One Flat Thing, reproduced
Music: Thom Willems (2000)
Choreography: William Forsythe
Staging: Ayman Harper, Jill Johnson, and Richard Siegal
Scenic and Lighting Design: William Forsythe
Costume Design: Stephen Galloway
Running Time: 17 minutes
Premiere: February 2, 2000; Ballett Frankfurt
PNB Premiere: March 13, 2008

During the run of Director’s Choice, PNB presents several special events. For details, go to,

Director’s Choice by runs March 16 and 17 at 7:30 pm; March 17 at 2pm, March 22 – 24 at 7:30 pm, and March 25 at 1:00 pm at McCaw Hall; Tickets ($30-$187) are on sale through the PNB Box Office:  Phone – 206.441.2424, in Person – 301 Mercer Street at Seattle Center; and online at; Subject to availability, tickets are also available 90 minutes prior to show times at McCaw Hall.

Learn about Pacific Northwest Ballet’s next season here.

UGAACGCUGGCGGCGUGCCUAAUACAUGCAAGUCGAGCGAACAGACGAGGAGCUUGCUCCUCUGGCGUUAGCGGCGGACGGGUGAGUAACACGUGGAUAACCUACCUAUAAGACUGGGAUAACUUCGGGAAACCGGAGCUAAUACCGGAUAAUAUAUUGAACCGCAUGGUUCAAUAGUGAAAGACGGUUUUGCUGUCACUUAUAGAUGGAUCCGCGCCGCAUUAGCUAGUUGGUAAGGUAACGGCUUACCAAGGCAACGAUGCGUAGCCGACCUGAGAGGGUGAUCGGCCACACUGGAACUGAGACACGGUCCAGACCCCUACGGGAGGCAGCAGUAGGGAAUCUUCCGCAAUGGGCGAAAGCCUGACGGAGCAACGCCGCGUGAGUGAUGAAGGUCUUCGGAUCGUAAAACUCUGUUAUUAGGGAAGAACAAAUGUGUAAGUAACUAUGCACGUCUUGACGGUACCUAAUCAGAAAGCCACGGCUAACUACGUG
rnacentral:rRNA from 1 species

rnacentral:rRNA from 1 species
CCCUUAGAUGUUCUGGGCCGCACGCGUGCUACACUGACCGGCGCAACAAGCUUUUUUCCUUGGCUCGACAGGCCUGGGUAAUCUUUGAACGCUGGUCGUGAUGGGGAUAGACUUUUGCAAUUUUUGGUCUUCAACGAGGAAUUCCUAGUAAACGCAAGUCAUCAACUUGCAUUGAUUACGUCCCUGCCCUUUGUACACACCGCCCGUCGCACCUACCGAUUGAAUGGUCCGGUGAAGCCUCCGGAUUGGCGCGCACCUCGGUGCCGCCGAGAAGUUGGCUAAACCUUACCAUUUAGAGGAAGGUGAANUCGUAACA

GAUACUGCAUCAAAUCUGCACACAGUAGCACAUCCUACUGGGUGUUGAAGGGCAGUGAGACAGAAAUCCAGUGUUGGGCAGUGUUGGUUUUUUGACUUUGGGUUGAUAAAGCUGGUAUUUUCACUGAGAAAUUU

Ulysses Dove (1947-1996) was an independent choreographer who worked in both the modern dance and ballet idioms. After attending a Martha Graham performance in 1967, Dove gave up his pre-med studies at Howard University to dance professionally with Merce Cunningham, Alvin Ailey, and Anna Sokolow. His first choreography, I See the Moon…and the Moon Sees Me (1979), was commissioned by Ailey. Although he never maintained a company of his own, Dove worked closely with Jeraldyne Blunden’s Dayton Contemporary Dance Company and created works for American Ballet Theatre, Ballet France de Nancy, the Basel Ballet, Cullberg Ballet of Sweden, Les Ballets Jazz de Montreal, New York City Ballet, and the Swedish National Ballet, for which he created the transcendent Dancing on the Front Porch of Heaven (1993). In 1980, he became the assistant director of the experimental Choreographic Research Group of the Paris Opera. Dove’s choreography is famous for its speed, force and eroticism. Dove died on June 11, 1996 at the age of 49, from an AIDS-related illness.